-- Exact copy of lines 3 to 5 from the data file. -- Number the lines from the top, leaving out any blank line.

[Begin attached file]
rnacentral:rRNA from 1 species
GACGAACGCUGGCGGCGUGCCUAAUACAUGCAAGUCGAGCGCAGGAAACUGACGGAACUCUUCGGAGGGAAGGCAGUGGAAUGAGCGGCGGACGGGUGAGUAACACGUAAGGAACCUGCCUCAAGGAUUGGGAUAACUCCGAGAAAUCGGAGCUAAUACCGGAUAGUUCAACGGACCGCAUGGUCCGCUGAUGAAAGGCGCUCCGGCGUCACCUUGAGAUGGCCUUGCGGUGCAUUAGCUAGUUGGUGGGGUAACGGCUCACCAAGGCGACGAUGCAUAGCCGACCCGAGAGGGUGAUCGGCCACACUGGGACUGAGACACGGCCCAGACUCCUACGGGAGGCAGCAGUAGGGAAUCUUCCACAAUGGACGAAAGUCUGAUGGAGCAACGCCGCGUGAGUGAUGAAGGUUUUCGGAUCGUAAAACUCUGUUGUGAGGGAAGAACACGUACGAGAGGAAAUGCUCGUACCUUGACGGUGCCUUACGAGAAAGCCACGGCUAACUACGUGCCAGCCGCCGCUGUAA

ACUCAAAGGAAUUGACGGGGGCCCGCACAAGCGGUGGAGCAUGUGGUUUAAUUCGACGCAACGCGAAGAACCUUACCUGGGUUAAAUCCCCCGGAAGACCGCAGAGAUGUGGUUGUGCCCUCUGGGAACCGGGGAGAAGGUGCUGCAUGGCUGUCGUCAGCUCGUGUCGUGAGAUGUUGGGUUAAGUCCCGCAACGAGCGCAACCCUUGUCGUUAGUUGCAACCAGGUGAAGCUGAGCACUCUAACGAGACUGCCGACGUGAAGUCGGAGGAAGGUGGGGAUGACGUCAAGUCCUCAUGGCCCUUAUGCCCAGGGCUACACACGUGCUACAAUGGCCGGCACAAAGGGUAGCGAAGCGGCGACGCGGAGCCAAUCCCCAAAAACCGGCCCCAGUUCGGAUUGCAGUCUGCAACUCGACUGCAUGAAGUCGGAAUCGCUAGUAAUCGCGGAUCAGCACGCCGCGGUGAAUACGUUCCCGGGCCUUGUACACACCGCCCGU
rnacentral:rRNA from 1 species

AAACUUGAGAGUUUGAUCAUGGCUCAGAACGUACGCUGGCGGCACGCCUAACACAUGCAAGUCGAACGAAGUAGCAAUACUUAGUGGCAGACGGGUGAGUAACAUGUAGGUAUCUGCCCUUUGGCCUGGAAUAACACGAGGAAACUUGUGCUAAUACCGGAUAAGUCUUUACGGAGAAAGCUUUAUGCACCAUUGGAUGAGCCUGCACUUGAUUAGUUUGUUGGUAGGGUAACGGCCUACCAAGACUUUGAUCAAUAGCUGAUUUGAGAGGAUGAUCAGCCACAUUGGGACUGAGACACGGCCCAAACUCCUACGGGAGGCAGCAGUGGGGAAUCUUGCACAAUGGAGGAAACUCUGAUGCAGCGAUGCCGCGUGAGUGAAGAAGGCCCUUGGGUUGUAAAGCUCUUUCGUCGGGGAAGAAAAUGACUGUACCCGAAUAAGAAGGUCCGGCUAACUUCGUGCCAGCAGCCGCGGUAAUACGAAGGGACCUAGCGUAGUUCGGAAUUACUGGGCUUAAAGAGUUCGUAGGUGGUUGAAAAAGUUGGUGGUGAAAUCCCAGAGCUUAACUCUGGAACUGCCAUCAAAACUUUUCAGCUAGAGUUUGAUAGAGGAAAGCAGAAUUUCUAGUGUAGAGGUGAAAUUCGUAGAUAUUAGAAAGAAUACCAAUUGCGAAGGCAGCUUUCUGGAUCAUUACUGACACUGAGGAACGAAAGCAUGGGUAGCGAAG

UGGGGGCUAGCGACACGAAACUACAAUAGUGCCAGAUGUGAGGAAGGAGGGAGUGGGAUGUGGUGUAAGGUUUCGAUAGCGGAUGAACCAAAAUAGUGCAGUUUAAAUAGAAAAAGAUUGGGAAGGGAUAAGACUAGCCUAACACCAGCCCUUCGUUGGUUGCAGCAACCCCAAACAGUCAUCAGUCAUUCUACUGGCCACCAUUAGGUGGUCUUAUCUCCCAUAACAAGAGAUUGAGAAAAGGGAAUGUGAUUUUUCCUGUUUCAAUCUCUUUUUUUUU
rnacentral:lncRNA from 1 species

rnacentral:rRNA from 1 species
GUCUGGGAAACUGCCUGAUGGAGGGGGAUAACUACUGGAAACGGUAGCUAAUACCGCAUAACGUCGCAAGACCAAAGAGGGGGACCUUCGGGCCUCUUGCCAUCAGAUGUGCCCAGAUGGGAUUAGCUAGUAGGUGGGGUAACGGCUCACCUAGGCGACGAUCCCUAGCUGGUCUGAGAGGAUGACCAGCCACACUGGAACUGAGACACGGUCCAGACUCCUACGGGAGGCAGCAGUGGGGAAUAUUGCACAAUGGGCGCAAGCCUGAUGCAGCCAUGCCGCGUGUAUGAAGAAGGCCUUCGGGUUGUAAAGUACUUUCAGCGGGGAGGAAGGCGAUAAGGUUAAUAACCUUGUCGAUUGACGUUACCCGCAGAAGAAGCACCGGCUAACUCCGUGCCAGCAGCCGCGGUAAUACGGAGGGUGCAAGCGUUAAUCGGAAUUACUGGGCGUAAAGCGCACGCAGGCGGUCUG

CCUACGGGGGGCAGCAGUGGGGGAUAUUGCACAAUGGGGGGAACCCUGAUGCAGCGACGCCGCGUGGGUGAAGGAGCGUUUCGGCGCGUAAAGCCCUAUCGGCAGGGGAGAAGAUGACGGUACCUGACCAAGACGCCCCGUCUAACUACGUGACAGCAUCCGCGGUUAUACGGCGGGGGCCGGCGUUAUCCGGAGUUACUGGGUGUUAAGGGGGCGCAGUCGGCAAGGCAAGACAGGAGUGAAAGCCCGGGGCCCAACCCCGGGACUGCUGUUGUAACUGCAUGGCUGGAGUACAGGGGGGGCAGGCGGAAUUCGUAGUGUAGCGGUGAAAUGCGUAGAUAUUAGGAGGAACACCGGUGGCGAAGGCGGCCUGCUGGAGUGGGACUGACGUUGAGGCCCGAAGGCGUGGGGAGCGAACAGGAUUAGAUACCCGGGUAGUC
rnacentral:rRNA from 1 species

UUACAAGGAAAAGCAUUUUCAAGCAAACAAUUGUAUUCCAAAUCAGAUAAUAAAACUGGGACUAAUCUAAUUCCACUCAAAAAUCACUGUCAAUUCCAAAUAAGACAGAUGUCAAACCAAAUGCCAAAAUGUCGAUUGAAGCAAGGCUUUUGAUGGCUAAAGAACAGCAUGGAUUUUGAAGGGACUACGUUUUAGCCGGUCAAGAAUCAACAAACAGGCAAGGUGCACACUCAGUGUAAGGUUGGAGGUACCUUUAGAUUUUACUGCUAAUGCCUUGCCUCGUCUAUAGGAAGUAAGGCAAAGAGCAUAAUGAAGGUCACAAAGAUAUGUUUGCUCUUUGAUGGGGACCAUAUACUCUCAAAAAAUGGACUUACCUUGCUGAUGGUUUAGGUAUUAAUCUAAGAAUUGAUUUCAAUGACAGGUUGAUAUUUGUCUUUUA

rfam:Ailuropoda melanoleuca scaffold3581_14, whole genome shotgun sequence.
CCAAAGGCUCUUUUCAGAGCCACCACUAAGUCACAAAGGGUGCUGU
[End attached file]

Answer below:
ACUCAAAGGAAUUGACGGGGGCCCGCACAAGCGGUGGAGCAUGUGGUUUAAUUCGACGCAACGCGAAGAACCUUACCUGGGUUAAAUCCCCCGGAAGACCGCAGAGAUGUGGUUGUGCCCUCUGGGAACCGGGGAGAAGGUGCUGCAUGGCUGUCGUCAGCUCGUGUCGUGAGAUGUUGGGUUAAGUCCCGCAACGAGCGCAACCCUUGUCGUUAGUUGCAACCAGGUGAAGCUGAGCACUCUAACGAGACUGCCGACGUGAAGUCGGAGGAAGGUGGGGAUGACGUCAAGUCCUCAUGGCCCUUAUGCCCAGGGCUACACACGUGCUACAAUGGCCGGCACAAAGGGUAGCGAAGCGGCGACGCGGAGCCAAUCCCCAAAAACCGGCCCCAGUUCGGAUUGCAGUCUGCAACUCGACUGCAUGAAGUCGGAAUCGCUAGUAAUCGCGGAUCAGCACGCCGCGGUGAAUACGUUCCCGGGCCUUGUACACACCGCCCGU
rnacentral:rRNA from 1 species

AAACUUGAGAGUUUGAUCAUGGCUCAGAACGUACGCUGGCGGCACGCCUAACACAUGCAAGUCGAACGAAGUAGCAAUACUUAGUGGCAGACGGGUGAGUAACAUGUAGGUAUCUGCCCUUUGGCCUGGAAUAACACGAGGAAACUUGUGCUAAUACCGGAUAAGUCUUUACGGAGAAAGCUUUAUGCACCAUUGGAUGAGCCUGCACUUGAUUAGUUUGUUGGUAGGGUAACGGCCUACCAAGACUUUGAUCAAUAGCUGAUUUGAGAGGAUGAUCAGCCACAUUGGGACUGAGACACGGCCCAAACUCCUACGGGAGGCAGCAGUGGGGAAUCUUGCACAAUGGAGGAAACUCUGAUGCAGCGAUGCCGCGUGAGUGAAGAAGGCCCUUGGGUUGUAAAGCUCUUUCGUCGGGGAAGAAAAUGACUGUACCCGAAUAAGAAGGUCCGGCUAACUUCGUGCCAGCAGCCGCGGUAAUACGAAGGGACCUAGCGUAGUUCGGAAUUACUGGGCUUAAAGAGUUCGUAGGUGGUUGAAAAAGUUGGUGGUGAAAUCCCAGAGCUUAACUCUGGAACUGCCAUCAAAACUUUUCAGCUAGAGUUUGAUAGAGGAAAGCAGAAUUUCUAGUGUAGAGGUGAAAUUCGUAGAUAUUAGAAAGAAUACCAAUUGCGAAGGCAGCUUUCUGGAUCAUUACUGACACUGAGGAACGAAAGCAUGGGUAGCGAAG